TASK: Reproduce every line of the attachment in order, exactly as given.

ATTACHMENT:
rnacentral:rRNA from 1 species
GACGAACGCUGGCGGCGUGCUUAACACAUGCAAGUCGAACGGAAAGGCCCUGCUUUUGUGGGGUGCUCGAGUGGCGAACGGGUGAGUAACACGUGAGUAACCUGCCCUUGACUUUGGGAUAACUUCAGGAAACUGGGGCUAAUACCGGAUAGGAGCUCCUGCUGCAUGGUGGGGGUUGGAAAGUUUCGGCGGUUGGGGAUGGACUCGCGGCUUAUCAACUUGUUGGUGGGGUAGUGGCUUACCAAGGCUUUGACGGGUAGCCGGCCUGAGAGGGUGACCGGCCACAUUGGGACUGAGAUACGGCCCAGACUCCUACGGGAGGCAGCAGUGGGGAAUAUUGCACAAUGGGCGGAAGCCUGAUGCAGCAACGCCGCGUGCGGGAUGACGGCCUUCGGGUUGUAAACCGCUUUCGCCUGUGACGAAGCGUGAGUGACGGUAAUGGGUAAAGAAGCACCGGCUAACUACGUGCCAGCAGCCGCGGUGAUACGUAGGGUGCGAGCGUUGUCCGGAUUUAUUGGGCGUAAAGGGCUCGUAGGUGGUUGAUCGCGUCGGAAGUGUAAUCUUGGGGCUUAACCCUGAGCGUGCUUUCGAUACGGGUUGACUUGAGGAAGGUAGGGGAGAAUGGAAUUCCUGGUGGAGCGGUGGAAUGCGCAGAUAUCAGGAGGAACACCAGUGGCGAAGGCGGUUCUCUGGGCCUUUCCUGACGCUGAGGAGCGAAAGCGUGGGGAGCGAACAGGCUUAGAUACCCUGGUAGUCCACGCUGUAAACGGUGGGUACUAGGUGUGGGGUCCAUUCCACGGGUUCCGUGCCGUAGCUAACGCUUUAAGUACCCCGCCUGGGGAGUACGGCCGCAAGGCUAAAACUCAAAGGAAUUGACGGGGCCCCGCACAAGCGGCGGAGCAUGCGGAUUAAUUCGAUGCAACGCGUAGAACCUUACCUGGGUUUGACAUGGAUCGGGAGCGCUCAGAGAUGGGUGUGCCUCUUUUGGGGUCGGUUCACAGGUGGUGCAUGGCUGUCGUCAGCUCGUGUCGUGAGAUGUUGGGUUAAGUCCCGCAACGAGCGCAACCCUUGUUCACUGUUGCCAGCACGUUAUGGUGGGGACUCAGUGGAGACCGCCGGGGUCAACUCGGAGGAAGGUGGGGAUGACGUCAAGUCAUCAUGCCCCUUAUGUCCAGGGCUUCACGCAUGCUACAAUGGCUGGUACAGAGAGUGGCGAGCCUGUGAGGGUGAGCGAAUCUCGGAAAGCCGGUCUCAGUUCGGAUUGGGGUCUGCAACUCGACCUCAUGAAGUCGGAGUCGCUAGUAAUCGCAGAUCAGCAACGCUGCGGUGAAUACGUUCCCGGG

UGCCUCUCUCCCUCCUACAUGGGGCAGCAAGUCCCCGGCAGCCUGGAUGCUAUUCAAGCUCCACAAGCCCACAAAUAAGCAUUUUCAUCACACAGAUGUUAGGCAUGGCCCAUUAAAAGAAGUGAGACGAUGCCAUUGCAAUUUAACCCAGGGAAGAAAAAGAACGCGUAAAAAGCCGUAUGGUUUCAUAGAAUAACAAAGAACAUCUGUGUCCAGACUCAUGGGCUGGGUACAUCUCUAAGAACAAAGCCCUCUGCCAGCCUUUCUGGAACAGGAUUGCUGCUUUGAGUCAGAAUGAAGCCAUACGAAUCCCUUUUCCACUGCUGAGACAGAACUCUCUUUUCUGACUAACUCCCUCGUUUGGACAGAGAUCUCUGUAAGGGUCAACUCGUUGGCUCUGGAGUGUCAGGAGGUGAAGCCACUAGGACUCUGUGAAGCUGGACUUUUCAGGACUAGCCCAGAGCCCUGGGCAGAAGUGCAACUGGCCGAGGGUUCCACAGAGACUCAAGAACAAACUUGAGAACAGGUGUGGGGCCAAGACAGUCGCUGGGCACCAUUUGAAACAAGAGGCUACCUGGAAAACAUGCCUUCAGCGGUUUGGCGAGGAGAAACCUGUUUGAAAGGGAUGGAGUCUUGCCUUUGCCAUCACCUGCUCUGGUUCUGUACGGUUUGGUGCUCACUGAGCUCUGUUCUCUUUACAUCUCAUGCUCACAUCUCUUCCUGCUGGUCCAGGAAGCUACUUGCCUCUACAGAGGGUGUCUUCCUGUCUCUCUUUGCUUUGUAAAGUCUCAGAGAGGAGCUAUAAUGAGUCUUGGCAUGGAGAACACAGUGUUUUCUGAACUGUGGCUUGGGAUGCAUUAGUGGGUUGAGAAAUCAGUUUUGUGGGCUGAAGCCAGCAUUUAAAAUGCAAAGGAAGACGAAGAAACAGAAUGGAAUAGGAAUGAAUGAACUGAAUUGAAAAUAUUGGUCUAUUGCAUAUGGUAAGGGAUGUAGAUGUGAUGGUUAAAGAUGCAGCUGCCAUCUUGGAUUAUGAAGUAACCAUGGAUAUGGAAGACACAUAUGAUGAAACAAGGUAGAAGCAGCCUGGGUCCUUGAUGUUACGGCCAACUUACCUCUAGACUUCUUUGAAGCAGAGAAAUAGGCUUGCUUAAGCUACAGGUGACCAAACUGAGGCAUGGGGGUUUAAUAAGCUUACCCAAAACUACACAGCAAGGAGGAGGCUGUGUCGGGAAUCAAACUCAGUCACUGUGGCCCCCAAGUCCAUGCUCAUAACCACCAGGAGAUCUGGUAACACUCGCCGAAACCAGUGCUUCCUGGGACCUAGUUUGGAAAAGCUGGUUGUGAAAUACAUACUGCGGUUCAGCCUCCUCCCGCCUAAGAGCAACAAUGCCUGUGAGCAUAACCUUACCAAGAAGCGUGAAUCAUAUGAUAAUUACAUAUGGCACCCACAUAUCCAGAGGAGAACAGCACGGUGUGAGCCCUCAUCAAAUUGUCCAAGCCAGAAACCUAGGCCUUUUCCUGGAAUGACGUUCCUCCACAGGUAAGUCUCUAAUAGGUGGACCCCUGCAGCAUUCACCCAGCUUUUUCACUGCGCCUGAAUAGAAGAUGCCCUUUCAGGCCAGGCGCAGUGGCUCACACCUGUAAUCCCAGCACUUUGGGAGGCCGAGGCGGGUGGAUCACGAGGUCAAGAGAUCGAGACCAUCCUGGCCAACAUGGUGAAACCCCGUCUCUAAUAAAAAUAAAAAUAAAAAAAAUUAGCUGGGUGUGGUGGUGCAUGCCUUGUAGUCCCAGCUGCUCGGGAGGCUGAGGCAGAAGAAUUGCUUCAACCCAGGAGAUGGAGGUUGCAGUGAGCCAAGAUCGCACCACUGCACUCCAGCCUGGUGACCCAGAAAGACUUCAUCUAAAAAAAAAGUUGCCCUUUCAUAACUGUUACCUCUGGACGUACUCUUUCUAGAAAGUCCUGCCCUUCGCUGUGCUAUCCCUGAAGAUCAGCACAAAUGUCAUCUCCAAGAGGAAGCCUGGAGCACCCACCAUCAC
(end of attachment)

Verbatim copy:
rnacentral:rRNA from 1 species
GACGAACGCUGGCGGCGUGCUUAACACAUGCAAGUCGAACGGAAAGGCCCUGCUUUUGUGGGGUGCUCGAGUGGCGAACGGGUGAGUAACACGUGAGUAACCUGCCCUUGACUUUGGGAUAACUUCAGGAAACUGGGGCUAAUACCGGAUAGGAGCUCCUGCUGCAUGGUGGGGGUUGGAAAGUUUCGGCGGUUGGGGAUGGACUCGCGGCUUAUCAACUUGUUGGUGGGGUAGUGGCUUACCAAGGCUUUGACGGGUAGCCGGCCUGAGAGGGUGACCGGCCACAUUGGGACUGAGAUACGGCCCAGACUCCUACGGGAGGCAGCAGUGGGGAAUAUUGCACAAUGGGCGGAAGCCUGAUGCAGCAACGCCGCGUGCGGGAUGACGGCCUUCGGGUUGUAAACCGCUUUCGCCUGUGACGAAGCGUGAGUGACGGUAAUGGGUAAAGAAGCACCGGCUAACUACGUGCCAGCAGCCGCGGUGAUACGUAGGGUGCGAGCGUUGUCCGGAUUUAUUGGGCGUAAAGGGCUCGUAGGUGGUUGAUCGCGUCGGAAGUGUAAUCUUGGGGCUUAACCCUGAGCGUGCUUUCGAUACGGGUUGACUUGAGGAAGGUAGGGGAGAAUGGAAUUCCUGGUGGAGCGGUGGAAUGCGCAGAUAUCAGGAGGAACACCAGUGGCGAAGGCGGUUCUCUGGGCCUUUCCUGACGCUGAGGAGCGAAAGCGUGGGGAGCGAACAGGCUUAGAUACCCUGGUAGUCCACGCUGUAAACGGUGGGUACUAGGUGUGGGGUCCAUUCCACGGGUUCCGUGCCGUAGCUAACGCUUUAAGUACCCCGCCUGGGGAGUACGGCCGCAAGGCUAAAACUCAAAGGAAUUGACGGGGCCCCGCACAAGCGGCGGAGCAUGCGGAUUAAUUCGAUGCAACGCGUAGAACCUUACCUGGGUUUGACAUGGAUCGGGAGCGCUCAGAGAUGGGUGUGCCUCUUUUGGGGUCGGUUCACAGGUGGUGCAUGGCUGUCGUCAGCUCGUGUCGUGAGAUGUUGGGUUAAGUCCCGCAACGAGCGCAACCCUUGUUCACUGUUGCCAGCACGUUAUGGUGGGGACUCAGUGGAGACCGCCGGGGUCAACUCGGAGGAAGGUGGGGAUGACGUCAAGUCAUCAUGCCCCUUAUGUCCAGGGCUUCACGCAUGCUACAAUGGCUGGUACAGAGAGUGGCGAGCCUGUGAGGGUGAGCGAAUCUCGGAAAGCCGGUCUCAGUUCGGAUUGGGGUCUGCAACUCGACCUCAUGAAGUCGGAGUCGCUAGUAAUCGCAGAUCAGCAACGCUGCGGUGAAUACGUUCCCGGG

UGCCUCUCUCCCUCCUACAUGGGGCAGCAAGUCCCCGGCAGCCUGGAUGCUAUUCAAGCUCCACAAGCCCACAAAUAAGCAUUUUCAUCACACAGAUGUUAGGCAUGGCCCAUUAAAAGAAGUGAGACGAUGCCAUUGCAAUUUAACCCAGGGAAGAAAAAGAACGCGUAAAAAGCCGUAUGGUUUCAUAGAAUAACAAAGAACAUCUGUGUCCAGACUCAUGGGCUGGGUACAUCUCUAAGAACAAAGCCCUCUGCCAGCCUUUCUGGAACAGGAUUGCUGCUUUGAGUCAGAAUGAAGCCAUACGAAUCCCUUUUCCACUGCUGAGACAGAACUCUCUUUUCUGACUAACUCCCUCGUUUGGACAGAGAUCUCUGUAAGGGUCAACUCGUUGGCUCUGGAGUGUCAGGAGGUGAAGCCACUAGGACUCUGUGAAGCUGGACUUUUCAGGACUAGCCCAGAGCCCUGGGCAGAAGUGCAACUGGCCGAGGGUUCCACAGAGACUCAAGAACAAACUUGAGAACAGGUGUGGGGCCAAGACAGUCGCUGGGCACCAUUUGAAACAAGAGGCUACCUGGAAAACAUGCCUUCAGCGGUUUGGCGAGGAGAAACCUGUUUGAAAGGGAUGGAGUCUUGCCUUUGCCAUCACCUGCUCUGGUUCUGUACGGUUUGGUGCUCACUGAGCUCUGUUCUCUUUACAUCUCAUGCUCACAUCUCUUCCUGCUGGUCCAGGAAGCUACUUGCCUCUACAGAGGGUGUCUUCCUGUCUCUCUUUGCUUUGUAAAGUCUCAGAGAGGAGCUAUAAUGAGUCUUGGCAUGGAGAACACAGUGUUUUCUGAACUGUGGCUUGGGAUGCAUUAGUGGGUUGAGAAAUCAGUUUUGUGGGCUGAAGCCAGCAUUUAAAAUGCAAAGGAAGACGAAGAAACAGAAUGGAAUAGGAAUGAAUGAACUGAAUUGAAAAUAUUGGUCUAUUGCAUAUGGUAAGGGAUGUAGAUGUGAUGGUUAAAGAUGCAGCUGCCAUCUUGGAUUAUGAAGUAACCAUGGAUAUGGAAGACACAUAUGAUGAAACAAGGUAGAAGCAGCCUGGGUCCUUGAUGUUACGGCCAACUUACCUCUAGACUUCUUUGAAGCAGAGAAAUAGGCUUGCUUAAGCUACAGGUGACCAAACUGAGGCAUGGGGGUUUAAUAAGCUUACCCAAAACUACACAGCAAGGAGGAGGCUGUGUCGGGAAUCAAACUCAGUCACUGUGGCCCCCAAGUCCAUGCUCAUAACCACCAGGAGAUCUGGUAACACUCGCCGAAACCAGUGCUUCCUGGGACCUAGUUUGGAAAAGCUGGUUGUGAAAUACAUACUGCGGUUCAGCCUCCUCCCGCCUAAGAGCAACAAUGCCUGUGAGCAUAACCUUACCAAGAAGCGUGAAUCAUAUGAUAAUUACAUAUGGCACCCACAUAUCCAGAGGAGAACAGCACGGUGUGAGCCCUCAUCAAAUUGUCCAAGCCAGAAACCUAGGCCUUUUCCUGGAAUGACGUUCCUCCACAGGUAAGUCUCUAAUAGGUGGACCCCUGCAGCAUUCACCCAGCUUUUUCACUGCGCCUGAAUAGAAGAUGCCCUUUCAGGCCAGGCGCAGUGGCUCACACCUGUAAUCCCAGCACUUUGGGAGGCCGAGGCGGGUGGAUCACGAGGUCAAGAGAUCGAGACCAUCCUGGCCAACAUGGUGAAACCCCGUCUCUAAUAAAAAUAAAAAUAAAAAAAAUUAGCUGGGUGUGGUGGUGCAUGCCUUGUAGUCCCAGCUGCUCGGGAGGCUGAGGCAGAAGAAUUGCUUCAACCCAGGAGAUGGAGGUUGCAGUGAGCCAAGAUCGCACCACUGCACUCCAGCCUGGUGACCCAGAAAGACUUCAUCUAAAAAAAAAGUUGCCCUUUCAUAACUGUUACCUCUGGACGUACUCUUUCUAGAAAGUCCUGCCCUUCGCUGUGCUAUCCCUGAAGAUCAGCACAAAUGUCAUCUCCAAGAGGAAGCCUGGAGCACCCACCAUCAC